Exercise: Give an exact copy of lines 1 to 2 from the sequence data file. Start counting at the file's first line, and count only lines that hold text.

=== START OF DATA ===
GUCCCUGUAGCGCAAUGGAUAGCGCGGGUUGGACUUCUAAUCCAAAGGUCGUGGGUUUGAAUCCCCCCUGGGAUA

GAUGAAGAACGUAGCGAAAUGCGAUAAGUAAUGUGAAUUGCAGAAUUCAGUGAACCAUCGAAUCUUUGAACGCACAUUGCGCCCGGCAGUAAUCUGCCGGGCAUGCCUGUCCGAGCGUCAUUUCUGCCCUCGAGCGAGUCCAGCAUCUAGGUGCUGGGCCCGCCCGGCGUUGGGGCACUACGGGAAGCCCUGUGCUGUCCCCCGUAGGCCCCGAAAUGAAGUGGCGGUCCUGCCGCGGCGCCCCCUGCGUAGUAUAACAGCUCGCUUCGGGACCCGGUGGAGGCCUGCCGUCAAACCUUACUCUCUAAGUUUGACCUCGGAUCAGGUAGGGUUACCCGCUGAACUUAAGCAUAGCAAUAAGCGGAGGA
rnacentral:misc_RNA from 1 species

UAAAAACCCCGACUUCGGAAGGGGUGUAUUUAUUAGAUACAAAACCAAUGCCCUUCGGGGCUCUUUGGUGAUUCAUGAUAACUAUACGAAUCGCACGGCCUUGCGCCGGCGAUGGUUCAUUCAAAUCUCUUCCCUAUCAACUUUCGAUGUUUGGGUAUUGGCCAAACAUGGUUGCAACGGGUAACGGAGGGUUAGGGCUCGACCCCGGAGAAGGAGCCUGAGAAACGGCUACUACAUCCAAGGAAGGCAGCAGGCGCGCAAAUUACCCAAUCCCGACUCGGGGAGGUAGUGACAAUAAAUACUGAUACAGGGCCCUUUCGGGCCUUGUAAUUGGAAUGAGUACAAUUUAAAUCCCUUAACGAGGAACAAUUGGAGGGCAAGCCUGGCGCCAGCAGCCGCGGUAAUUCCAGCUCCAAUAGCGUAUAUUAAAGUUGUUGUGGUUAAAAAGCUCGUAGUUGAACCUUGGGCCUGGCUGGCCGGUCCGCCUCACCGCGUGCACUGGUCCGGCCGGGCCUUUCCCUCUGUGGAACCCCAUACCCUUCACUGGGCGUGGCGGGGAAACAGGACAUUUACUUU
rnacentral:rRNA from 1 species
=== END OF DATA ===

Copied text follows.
GUCCCUGUAGCGCAAUGGAUAGCGCGGGUUGGACUUCUAAUCCAAAGGUCGUGGGUUUGAAUCCCCCCUGGGAUA

GAUGAAGAACGUAGCGAAAUGCGAUAAGUAAUGUGAAUUGCAGAAUUCAGUGAACCAUCGAAUCUUUGAACGCACAUUGCGCCCGGCAGUAAUCUGCCGGGCAUGCCUGUCCGAGCGUCAUUUCUGCCCUCGAGCGAGUCCAGCAUCUAGGUGCUGGGCCCGCCCGGCGUUGGGGCACUACGGGAAGCCCUGUGCUGUCCCCCGUAGGCCCCGAAAUGAAGUGGCGGUCCUGCCGCGGCGCCCCCUGCGUAGUAUAACAGCUCGCUUCGGGACCCGGUGGAGGCCUGCCGUCAAACCUUACUCUCUAAGUUUGACCUCGGAUCAGGUAGGGUUACCCGCUGAACUUAAGCAUAGCAAUAAGCGGAGGA